Skip to main content

Are you a legal professional? Visit our professional site

Search for legal issues
For help near (city, ZIP code or county)
Please enter a legal issue and/or a location

SCOTUS Won't Hear Students' American Flag Free Speech Case

Article Placeholder Image
By Casey C. Sullivan, Esq. on April 01, 2015 10:05 AM

The Supreme Court won't be hearing an appeal from high school students who sued after school administrators asked them to remove American flag T-shirts or take excused leave. That leaves intact the Ninth Circuit's ruling from a year ago, holding that the school did not violate the students' rights when it asked them to change their clothing in an attempt to avoid violence.

Plaintiffs, three students from Morgan Hill in northern California, had argued that their First Amendment free speech rights were violated when they were asked to cover up their flags on Cinco de Mayo while students in Mexican flags were not.

On the Fifth of May ...

A year prior, a group of white, non-Hispanic students had reportedly hung an American flag on a tree and chanted USA during Cinco de Mayo. Though we're sure their intent wasn't to be provocative, the chanting led to a confrontation with Mexican students, who hurled profanities.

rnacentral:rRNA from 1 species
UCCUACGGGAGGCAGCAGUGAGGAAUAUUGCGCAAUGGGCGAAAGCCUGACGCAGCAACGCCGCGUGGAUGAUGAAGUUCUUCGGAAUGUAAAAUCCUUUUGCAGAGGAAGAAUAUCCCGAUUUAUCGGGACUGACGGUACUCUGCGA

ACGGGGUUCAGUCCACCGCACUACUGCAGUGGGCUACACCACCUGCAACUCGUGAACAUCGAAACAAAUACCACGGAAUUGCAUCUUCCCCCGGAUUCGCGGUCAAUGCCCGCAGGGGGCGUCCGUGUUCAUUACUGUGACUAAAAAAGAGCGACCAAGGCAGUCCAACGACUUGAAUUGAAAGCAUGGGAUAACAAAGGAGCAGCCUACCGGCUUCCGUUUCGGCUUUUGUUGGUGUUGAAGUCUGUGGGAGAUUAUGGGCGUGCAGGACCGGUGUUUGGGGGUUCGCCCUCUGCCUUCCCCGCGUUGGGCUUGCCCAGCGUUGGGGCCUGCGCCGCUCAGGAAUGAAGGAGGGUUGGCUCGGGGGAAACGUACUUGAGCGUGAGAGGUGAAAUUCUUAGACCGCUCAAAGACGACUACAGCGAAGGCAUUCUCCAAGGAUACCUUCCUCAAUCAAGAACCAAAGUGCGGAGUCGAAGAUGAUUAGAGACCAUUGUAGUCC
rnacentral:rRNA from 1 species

The following year, students attempted to continue the holiday tradition by wearing American flag t-shirts. They were asked to change their outfits, turn their shirts inside out, or take an excused absence.

Preventing Violence Versus Protecting Speech

The district court and Ninth Circuit had both found the school's actions to be acceptable. Though the Supreme Court has said that students don't lose their free speech rights at the schoolhouse gate, under Tinker v. Des Moines schools are allowed to restrict speech that is likely to cause a substantial disruption. The risk of violence that the school claimed existed was enough to bring the incident into Tinker's domain, the courts ruled.

When the Ninth Circuit refused to rehear the case en banc, three judges dissented, characterizing the case as one of a "heckler's veto." The heckler's veto implies that critics of speech can silence others through threatening violence. Under this view, it is up to the government, here the school, to protect the free speech rights of the threatened speakers, not to silence them in order to prevent the violence of others.

What do you think? Did the Supreme Court make the right decision in letting the case end here? Let us know via via Twitter (@FindLawLP) or Facebook (FindLaw for Legal Professionals).

Related Resources:

Find a Lawyer

More Options